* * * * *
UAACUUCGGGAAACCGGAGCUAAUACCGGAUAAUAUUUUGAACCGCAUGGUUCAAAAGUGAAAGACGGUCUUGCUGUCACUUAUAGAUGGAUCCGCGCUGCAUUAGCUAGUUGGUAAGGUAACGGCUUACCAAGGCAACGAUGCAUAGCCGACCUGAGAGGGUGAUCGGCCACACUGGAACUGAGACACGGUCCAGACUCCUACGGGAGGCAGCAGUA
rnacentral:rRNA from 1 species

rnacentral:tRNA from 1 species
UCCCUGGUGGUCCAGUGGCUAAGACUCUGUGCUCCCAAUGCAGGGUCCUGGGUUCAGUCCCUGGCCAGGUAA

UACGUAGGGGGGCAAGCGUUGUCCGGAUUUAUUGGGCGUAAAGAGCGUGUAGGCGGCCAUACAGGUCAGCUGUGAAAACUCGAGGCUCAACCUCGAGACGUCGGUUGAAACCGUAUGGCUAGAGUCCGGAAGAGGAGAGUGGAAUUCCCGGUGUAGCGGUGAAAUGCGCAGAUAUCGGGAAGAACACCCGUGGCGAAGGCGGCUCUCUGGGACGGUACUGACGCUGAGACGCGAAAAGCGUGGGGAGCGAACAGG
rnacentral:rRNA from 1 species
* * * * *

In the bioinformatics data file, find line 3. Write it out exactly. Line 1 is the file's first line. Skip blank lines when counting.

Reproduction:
rnacentral:tRNA from 1 species